She had a considerable role in the rehabilitation of this small, strategically unimportant and hitherto almost abandoned citadel. She built a wonderful haveli within it. The excellent frescoes in the distinctive Kangra style found in the parlour and in the two chambers on the first floor of this haveli, are attributed to Raj Kaur‘s excellent taste.
In mid-19th century, when the British invaded Punjab, they used the Fort to imprison the Sikh kingdom’s Regent, Rani Jind Kaur – “Jindaa(n)” – after taking her son, the child Emperor Duleep Singh, prisoner.
In a letter dated August 9, 1847 Sir Henry Montgomery Lawrence, the British Resident in Punjab suggested to the Governor General that the Queen be banished from Punjab, to prevent the populace from rising under banner.
The 8-year old Emperor was removed from his palace in the Lahore Fort on August 19, 1847, and taken to the Shalimar Gardens, while his mother, the Queen, was confined to the distant Sheikhupura Fort.
Historian Himadri Banerjee describes how Jindaan was forcibly removed from Lahore between 8 and 9 pm under a heavy military escort. Accompanied by Sardar Arjan Singh Rangharnanglia and Gurmukh Singh Lamma, she was lodged in Sheikhupura Fort in the early hours of Friday, August 20, 1847, under the charge of Sardar Boor Singh.
Soon after her arrival at Sheikhupura, she wrote the following letter to the Resident at Lahore, protesting the ruthless separation from her young eight-year old.
With the Grace of the Great Guru
From Bibi Sahib to Lawrence Sahib,
We have arrived safely at Sheikhupura, You should send our luggage with care, As I was sitting in the Samman (Burj – Palace in Lahore Fort), in the same way I am in Sheikhupura. Both the places are same to me; you have been very cruel to me. You have snatched my son from me … In the name of the God you worship and in the name of the king whose salt you eat, restore my son to me. I cannot bear the pain of this separation … I shall reside in Sheikhupura. I shall not go to Lahore. Send my son to me. I will come to you at Lahore only during the days when you hold darbar. On that day I will send him. A great deal (of injustice) has been done to me. A great deal (of injustice) has been done to my son also. You have accepted what other people have said. Put an end to it now. Too much has been done.
The Queen resided in the Sheikhupura Fort for nine months. On the afternoon of May 15, 1848, she was taken away, to be imprisoned in Chunar Fort, near Benares (in current day Uttar Pradesh, India). She made a dramatic escape from there and fled to Nepal, where she remained until, years later, almost blind and dying, was finally allowed to visit her son, who was by then exiled in England.
The Sheikhupura Fort was thus witness to a number of crucial turning points during the half-century of the Sikh Raj.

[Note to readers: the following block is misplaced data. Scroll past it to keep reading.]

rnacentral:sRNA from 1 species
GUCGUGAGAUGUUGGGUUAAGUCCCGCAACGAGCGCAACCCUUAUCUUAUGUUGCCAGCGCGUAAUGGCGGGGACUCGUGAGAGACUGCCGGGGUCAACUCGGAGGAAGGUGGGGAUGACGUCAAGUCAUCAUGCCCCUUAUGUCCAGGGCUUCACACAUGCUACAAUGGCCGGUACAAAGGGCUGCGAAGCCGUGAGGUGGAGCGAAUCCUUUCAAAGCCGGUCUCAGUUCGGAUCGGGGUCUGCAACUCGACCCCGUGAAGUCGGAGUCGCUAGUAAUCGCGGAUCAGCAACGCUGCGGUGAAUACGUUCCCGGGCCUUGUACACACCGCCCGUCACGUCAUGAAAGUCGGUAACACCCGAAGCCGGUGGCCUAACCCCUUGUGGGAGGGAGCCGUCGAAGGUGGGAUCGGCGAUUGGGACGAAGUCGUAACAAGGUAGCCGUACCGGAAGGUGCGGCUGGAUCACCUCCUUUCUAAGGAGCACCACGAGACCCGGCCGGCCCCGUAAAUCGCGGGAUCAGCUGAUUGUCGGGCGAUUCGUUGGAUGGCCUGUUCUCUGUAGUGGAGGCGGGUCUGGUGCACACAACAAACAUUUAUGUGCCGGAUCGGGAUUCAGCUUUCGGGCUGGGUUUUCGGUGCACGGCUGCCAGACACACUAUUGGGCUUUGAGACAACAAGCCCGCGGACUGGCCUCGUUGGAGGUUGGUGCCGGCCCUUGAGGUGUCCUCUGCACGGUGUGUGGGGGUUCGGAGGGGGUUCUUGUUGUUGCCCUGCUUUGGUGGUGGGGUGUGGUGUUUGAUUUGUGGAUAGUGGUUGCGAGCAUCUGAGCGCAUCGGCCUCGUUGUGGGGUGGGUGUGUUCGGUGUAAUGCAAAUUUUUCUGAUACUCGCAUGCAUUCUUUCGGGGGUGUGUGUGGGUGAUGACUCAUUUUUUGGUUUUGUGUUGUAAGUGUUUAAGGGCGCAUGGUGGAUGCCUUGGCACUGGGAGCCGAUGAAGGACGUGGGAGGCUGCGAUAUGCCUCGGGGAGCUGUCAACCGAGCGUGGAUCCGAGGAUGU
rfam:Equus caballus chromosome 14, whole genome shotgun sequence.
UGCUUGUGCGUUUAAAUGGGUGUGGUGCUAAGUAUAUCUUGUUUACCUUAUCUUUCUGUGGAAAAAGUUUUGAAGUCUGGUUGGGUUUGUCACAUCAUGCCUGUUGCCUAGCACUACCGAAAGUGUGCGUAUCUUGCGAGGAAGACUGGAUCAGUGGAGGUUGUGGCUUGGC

The Empire had held played a crucial role as a bulwark against ongoing invasions through the subcontinent’s porous western borders. At its peak, it held sway from Tibet in the east to the Khyber Pass in the west, to Kashmir in the north and to Sindh in the south. It also, while Ranjit Singh was alive, kept the British at bay, even though the rest of the subcontinent had collapsed under them like a row of dominoes.
After the annexation of Punjab, the Sheikhupura Fort was temporarily used as administrative headquarters of the Gujranwala district from 1849 to 1851. However, upon the transfer of the district headquarters to Gujranwala town, it was turned into a military outpost.
After a split of administration jurisdictions in 1918, a new district was created in Sheikhupura. The Fort then passed on to house the police headquarters of the newly created district.
After the partition of Punjab and India in 1947, it was briefly used by the immigrants from East Punjab (by then in the newly-created India) as shelter, and
later by encroachers, from whom it came into the possession of the Department of Archaeology of Pakistan in 1967.
Within the complex, no building from the Mughal period is left standing, except the main entrance façade. There are also some remains of sandstone columns depicting the history of the laying of the foundations of the Sheikhupura Fort.
Today, what we can see standing, although dilapidated, is a crumbling six-storey haveli, identical to the haveli of Naunihal Singh, which is situated inside Mori Gate in Lahore.
The most vibrant aspect of the beauty of the haveli in the Sheikhupura Fort is its frescoes.
Sadly, precious wooden doors, windows and parts of the roof have already been whisked away by raiders and the haveli has turned into a haunted house.
Inside the ruins and rooms occupied by bats, we can still find signs of the former lifestyle through colourful and thematic paintings and other art work in the Kangra style. Fresco art work in the haveli of Raj Kaur portrays almost all aspects of daily life – ranging from worship to romantic love to military life. Colors are still vivid, the art work is glittering, but the haveli is now, due to institutional neglect, close to the end of its physical life.
Despite its poor condition, no contractor or labourer agrees to work as it is believed the fort is haunted by ghosts of the queens which used to live there.
This fort is closed to the public due to its bad structural condition; it took me at least three years to take permission to visit this
Posted by Ali Usman Baig Blogspot (Documenting Pakistan) on 2017-02-02 17:32:52